When I was younger (and perhaps more foolish) I managed to draw a great deal of enjoyment from a rather strange little game called GunZ: The Duel. This third-person platformer was all about quick fingers, melee, and parkour – I was hooked. You can imagine my excitement then, when I realized that there’s a sequel, currently in open beta on Steam. Does it live up to the legacy of the original?
Well…yes and no.
Full disclosure here: I’m kind of awful at this game. I’m not entirely certain why, or what it is about it, but…I can’t play to save my life. Keep that in mind as you read this review (though I’m not going to be commenting much on game balance – everything seems to be in order there).
One thing I’m going to say before moving on is that purist fans of the original should probably avoid GunZ 2. They have, unfortunately, gotten rid of K-Styling (they’re using a new engine, without the easily-exploitable flaws of the original). What that means is that you’re going to have to rely more on your standard outfit of moves. Unfortunately, while you’ve still got a pretty varied set of moves, the mechanics feel like they’ve been gutted somewhat, as well. Although you’re going to be moving with a fair bit of agility, GunZ 2 feels somewhat slower than its predecessor, with much less parkour than the original. What’s more, Although each of the four classes is somewhat unique in the gear available to them, melee ultimately feels the same whether you’re a Gunslinger or a Shield Trooper.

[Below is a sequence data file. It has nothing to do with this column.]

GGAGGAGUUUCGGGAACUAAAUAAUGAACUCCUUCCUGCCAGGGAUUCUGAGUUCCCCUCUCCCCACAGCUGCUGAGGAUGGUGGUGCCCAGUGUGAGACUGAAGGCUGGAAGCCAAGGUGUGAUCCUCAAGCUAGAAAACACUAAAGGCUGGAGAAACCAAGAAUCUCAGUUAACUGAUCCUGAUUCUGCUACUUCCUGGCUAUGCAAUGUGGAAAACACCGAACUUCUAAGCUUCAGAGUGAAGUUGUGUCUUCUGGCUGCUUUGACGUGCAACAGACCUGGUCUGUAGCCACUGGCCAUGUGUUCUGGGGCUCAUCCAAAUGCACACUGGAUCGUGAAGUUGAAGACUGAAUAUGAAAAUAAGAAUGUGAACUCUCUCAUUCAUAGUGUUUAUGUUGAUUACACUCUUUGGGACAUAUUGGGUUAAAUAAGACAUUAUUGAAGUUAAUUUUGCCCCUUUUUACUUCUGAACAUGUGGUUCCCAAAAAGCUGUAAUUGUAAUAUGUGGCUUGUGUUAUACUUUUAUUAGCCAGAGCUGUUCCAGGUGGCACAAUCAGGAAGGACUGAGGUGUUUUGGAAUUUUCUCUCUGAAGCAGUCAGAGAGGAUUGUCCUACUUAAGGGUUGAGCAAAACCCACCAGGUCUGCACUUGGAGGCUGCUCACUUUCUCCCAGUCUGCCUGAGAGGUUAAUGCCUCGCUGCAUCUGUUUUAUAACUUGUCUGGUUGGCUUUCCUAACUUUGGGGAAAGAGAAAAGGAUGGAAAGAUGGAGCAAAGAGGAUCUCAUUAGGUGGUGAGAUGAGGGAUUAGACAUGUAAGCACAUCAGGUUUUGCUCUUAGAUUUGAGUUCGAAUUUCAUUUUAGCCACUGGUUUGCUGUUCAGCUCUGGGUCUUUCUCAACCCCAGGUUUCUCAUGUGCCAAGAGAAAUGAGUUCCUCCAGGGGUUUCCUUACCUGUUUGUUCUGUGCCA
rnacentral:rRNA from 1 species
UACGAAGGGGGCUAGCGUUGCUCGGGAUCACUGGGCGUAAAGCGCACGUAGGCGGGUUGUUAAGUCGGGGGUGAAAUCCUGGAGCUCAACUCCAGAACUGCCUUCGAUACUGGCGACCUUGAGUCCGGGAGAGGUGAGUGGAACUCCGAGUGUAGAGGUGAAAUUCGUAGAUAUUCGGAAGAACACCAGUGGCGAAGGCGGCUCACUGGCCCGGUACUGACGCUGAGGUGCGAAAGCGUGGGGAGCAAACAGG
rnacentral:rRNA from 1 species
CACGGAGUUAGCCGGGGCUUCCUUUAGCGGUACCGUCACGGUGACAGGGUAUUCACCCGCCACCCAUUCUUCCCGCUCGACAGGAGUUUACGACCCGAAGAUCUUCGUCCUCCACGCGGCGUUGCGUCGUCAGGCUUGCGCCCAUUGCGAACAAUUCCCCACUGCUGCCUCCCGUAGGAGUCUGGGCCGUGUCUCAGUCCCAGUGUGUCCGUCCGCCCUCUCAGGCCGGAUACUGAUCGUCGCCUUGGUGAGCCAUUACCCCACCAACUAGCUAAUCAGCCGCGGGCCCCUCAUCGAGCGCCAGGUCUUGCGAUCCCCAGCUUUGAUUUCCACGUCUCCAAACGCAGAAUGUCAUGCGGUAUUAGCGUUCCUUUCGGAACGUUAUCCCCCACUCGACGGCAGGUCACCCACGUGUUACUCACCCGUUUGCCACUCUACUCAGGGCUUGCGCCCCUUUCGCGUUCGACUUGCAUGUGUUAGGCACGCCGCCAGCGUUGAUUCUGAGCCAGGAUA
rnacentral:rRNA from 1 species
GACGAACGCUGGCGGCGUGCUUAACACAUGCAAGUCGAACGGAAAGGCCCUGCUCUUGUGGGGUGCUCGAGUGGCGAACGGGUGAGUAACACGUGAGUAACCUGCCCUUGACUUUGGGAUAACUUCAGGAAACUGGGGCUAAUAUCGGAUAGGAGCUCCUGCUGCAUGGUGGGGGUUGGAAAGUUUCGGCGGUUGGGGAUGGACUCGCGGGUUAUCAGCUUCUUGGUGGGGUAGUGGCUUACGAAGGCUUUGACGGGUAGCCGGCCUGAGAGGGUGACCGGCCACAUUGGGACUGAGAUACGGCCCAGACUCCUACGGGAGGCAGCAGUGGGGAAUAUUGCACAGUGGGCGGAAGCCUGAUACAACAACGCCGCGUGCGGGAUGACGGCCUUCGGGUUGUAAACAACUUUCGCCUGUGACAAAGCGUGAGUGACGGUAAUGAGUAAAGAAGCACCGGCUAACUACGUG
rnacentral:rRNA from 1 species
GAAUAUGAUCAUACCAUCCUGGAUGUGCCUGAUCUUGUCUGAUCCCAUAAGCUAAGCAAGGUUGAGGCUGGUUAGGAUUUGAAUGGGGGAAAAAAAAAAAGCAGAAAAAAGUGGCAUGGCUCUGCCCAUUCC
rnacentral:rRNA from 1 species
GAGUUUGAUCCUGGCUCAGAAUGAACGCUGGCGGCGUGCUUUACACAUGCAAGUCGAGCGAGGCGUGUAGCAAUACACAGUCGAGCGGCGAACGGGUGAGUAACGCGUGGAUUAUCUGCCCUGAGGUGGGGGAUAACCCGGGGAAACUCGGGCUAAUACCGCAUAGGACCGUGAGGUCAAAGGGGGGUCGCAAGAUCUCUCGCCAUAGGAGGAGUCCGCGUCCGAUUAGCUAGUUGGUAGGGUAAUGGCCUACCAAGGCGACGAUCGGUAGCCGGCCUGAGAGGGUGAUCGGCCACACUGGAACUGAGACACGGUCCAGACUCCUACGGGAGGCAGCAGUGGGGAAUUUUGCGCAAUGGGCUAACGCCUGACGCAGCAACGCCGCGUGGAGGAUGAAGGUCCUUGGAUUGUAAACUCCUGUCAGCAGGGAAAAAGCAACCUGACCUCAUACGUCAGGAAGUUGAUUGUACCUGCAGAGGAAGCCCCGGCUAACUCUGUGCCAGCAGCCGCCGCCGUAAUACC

Oh, yeah. Forgot to mention: remember the awesome freedom you were afforded in GunZ? How you could design your character however you wanted, giving them whatever guns and cosmetic gear you saw fit? Yeah, say goodbye to that in the sequel, where the developers have inexplicably decided to switch over to a class system. At creation, you’re going to need to select one of the four different characters; the others will remain locked to you until you shell out either real money or a hefty sum of in-game cash.
That’s strike one against GunZ 2, and a significant one, at that.
There’s also a severely limited range of cosmetic items available for your character compared against the previous game – though admittedly, this may be due to GunZ 2 still being in beta. I’ll give it a pass on this, as the team behind it could well release more stuff as the game moves past its beta stage. I’m keeping my fingers crossed that they don’t make it pay to win, though certain elements (like the respawn coins, which let you revive your character in the single-player missions and cost $2.95 a pop) don’t really bode well, nor does the somewhat exorbitant price of most of the stuff in the shop.
Ultimately, I don’t dislike GunZ 2…but I don’t like it all that much, either. It’s sort of…bland and soulless, in spite of how good it looks and sounds. That’s a shame, given how fun the original was (though admittedly, I might be looking at it through rose-colored glasses). Ah, well. Back to Loadout. That game’s giving me more entertainment than this one possibly could.